Science to Share

Plastic Pollution

Flip-flops are forever! Or are they not?

The myth of biodegradability

Flip-flops are the most popular shoes in the world. Who doesn’t own a pair? But scientists at the University of California in San Diego are now especially excited about a new pair of commercial-quality flip-flops they have created. What is all the fuzz about? The clue lies in the material of the sandals. The sole is made from algae and is said to degrade in the natural environment. Nowadays, there are more and more products on our supermarket shelves claiming to be “biodegradable” and scientists are eager to develop new materials. The idea that available plastics degrade in nature without leaving a trace is a myth, however. At least today.

From the beaches of Scheveningen to the pedestrian zone of Amsterdam in summer: flip-flops are everywhere. Globally, these shoes account for a considerable amount of plastic trash, which enters our oceans every year. There it causes an environmental disaster. The social project Ocean Sole alone has recycled 750,000 flip-flops washed up at the shores of Kenya this year. Science and industry are reacting by producing plastics alternatives. They label some of them bio(logically)-degradable. The idea is that microorganisms in our environment feed on the material and quickly and completely turn it into natural substances like water, CO2 or compost.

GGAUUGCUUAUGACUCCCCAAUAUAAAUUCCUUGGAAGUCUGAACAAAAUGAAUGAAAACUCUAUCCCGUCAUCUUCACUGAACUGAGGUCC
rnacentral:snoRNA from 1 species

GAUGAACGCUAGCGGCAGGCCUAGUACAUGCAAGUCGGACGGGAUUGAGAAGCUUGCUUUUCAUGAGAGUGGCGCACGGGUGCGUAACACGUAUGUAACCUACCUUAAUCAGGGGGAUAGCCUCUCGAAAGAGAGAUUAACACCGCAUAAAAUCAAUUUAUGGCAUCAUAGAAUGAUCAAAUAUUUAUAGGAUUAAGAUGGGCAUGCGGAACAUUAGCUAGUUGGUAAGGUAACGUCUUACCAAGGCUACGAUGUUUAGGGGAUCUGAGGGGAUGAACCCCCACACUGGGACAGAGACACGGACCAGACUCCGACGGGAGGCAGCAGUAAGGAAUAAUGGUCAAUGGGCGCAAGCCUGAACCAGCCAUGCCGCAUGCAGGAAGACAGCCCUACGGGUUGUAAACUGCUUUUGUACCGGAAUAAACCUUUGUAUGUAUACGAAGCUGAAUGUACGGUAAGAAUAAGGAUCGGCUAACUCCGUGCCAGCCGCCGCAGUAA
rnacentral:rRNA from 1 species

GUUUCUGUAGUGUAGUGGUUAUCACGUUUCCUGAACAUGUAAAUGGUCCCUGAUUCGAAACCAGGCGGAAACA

Unfortunately, most of todays’ “biodegradable” products do not live up to this sweet promise. We see this in a 2019 experiment. Researchers from the English University of Plymouth tested three types of plastic bags marked “biodegradable”. They exposed the bags to environmental conditions in which plastics usually ends up. Only one compost bag dissolved in sea water. After three years, the researchers could have still used many of the bags to carry their groceries home. 

Too slow, too picky, too toxic?

We see that “biodegradable” plastic might dissolve. But it takes long. Three years seem lengthy already. But there are reports of “biodegradable” material surviving in the oceans for at least 25 years. In the meantime, it causes a lot of harm: Toxic substances are released, animals get caught and strangled in plastics or they eat micro particles of it. But how fast a degradation would be fast enough? 4 months, as in the case of the San Diego algae flip-flops? That’s difficult to answer but all current “biodegradable plastics” seem to be too slow to earn the title “eco-friendly”.

The Plymouth study reveals a second problem: Some biodegradable materials like the compost bag disappear but only in a limited number of specific environments. You never know where exactly the plastic will end up and today’s materials will not degrade in most of the probable environments. Why? Consider oceans alone and you will find very different conditions in different places: warm beaches with bright sunlight, the windy open sea, the dark and ice-cold deep sea. UV rays, temperature and wave movement influence degradation. The different climates also support many distinct lifeforms, microbes being one of them. The microbes are different and so is their ability of what they can degrade and how fast.